The disrupted lawyer: 5 steps to prepare for change

Change is coming and law firms need to be prepared, writes thought partner and executive coach Stuart J. Barnett.

(Opinion) --

We would rather be ruined than changed,                             
We would rather die in our dread
Than climb the cross of the moment
And let our illusions die.
  • W. H. Auden - The Age of Anxiety (1948)
Disruption is the word de jour, and law firms are not immune.

There is talk of new non-pyramid structures, more fixed price agreements, shifting away from billable hours, the rise of general counsel and in-house teams, the encroachment of the big accountancy firms, artificial intelligence, out-sourcing, and the list goes on.

NewLaw is all the talk, and yet traditionally the legal profession is conservative and adapts to change glacially. That said, change is coming and no matter what your view is on the state of the profession and just how impacted the practice of law will be, the key is being prepared for disruption.

Five tips to make sure you are ready for disruption:
  1. Break the busyness-cycle
Nothing breeds complacency like success: why change what is working? And success in the law firm often means you are very busy, and busyness means there is little time to stop and reflect -- which can lead to becoming too focusing on the immediate, and not thinking long term. So stop. Take a breather to reflect on your practice. What is working? What isn’t? And how does this fit in with the wider industry?
  1. Get better acquainted with clients
Better understanding your clients is going to keep you ahead of the game. Disruption tends to be born out of dissatisfaction. And it’s not always just about cost; but when it is, you are more likely to achieve a better outcome if you have a good understanding of your client’s perspective.

So seek regular feedback from clients. Feedback is really just information the client already has or believes about you; it already exists. It’s only new to you. And it’s information that can be highly valuable if used to improve your service.
Sure, sometimes clients may simply want better quality work for a lower cost – isn’t that what we all want from a service? So have that difficult conversation about cost and quality. This is where innovation and flexibility start.
  1. Focus on building business relationships
Artificial Intelligence and robotics are good, but they haven’t yet got to the point where they can replace human relationships. In a world short on time and flooded with content, people’s bullsh*t detectors have never been on such high alert. Cutting through all the noise with genuine relationships built on trust can provide a significant competitive advantage.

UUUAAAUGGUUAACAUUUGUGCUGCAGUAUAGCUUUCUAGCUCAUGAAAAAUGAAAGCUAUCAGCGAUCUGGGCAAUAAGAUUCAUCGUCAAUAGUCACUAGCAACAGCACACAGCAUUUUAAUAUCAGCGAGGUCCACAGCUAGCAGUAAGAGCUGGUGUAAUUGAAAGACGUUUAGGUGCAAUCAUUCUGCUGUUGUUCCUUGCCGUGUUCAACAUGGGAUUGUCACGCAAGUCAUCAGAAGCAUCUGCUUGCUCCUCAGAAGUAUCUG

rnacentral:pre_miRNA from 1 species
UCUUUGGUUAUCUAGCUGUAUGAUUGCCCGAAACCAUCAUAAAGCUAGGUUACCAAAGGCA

Building relationships takes time. It has to be made a priority. The best way to achieve this is to make it part of your daily/weekly routine. It’s very easy to neglect relationships when you are really busy and then start trying to make amends when things are slow.

If you are naturally good at networking and building relationship, that’s great; if not, then you have to find a way that works for your personality. Play to your strengths, work around your weaknesses.
Two key aspects of building relationships are:
  • be genuinely interested – nothing quite builds a relationship than genuine interest. Be curious, ask good questions that enable the other person to amplify; which means
  • listen more – being caught in problem solving mode can mean being too quick to try and add value. Really active listening, requires being present in the moment, and being completely focused on the client and understanding their needs from their perspective.
And take both a macro and mico approach to your networking strategy:
  • be strategic about who you want to build business relationships with, making sure you align your practice focus and personal brand/online presence. Identify who can introduced you, and what networking events to attend.
  • get right down into what sort of conversations you are going to have, what your body language is saying, what you hope to achieve from the conversation, how you want to come across, and what you can do for the other person.
  1. Indulge in a little self-disruption
Change is often at its most painful when it is thrust upon us out of necessity. So getting ahead of the game and being open to change is essential.

Being the smartest lawyer in the room can be a hindrance – unfortunately (or fortunately depending upon where you sit in the smartness stakes) being very smart doesn’t of itself make you open to change. This is where emotional intelligence and self-awareness comes into play. It’s time to refocus on personal development.

Think about engaging an executive coach to help you brush up on those influencing and leadership skills – soft skills essential to a successful career regardless of the business model.

Senior partners too often overlook the use of executive coaches as remedial or for less experienced staff. But improvement doesn’t cease with seniority (or at least, it shouldn’t), so take the plunge and get objective support to discover ways to fine tune. 
  1. Be willing to fail
Finally, disruption means being prepared to take risks, and the traditional law firm career is inherently risk averse – where perfectionism is almost an essential ingredient to getting ahead. And perfectionism can leave very little room for risk, because risk means increasing the possibility of being wrong.

So shake it up a little, try some new things on the business development front, start small, step outside the traditional, mix it up. And be prepared for not everything you try to work.

By Stuart J. Barnett, thought partner and executive coach.

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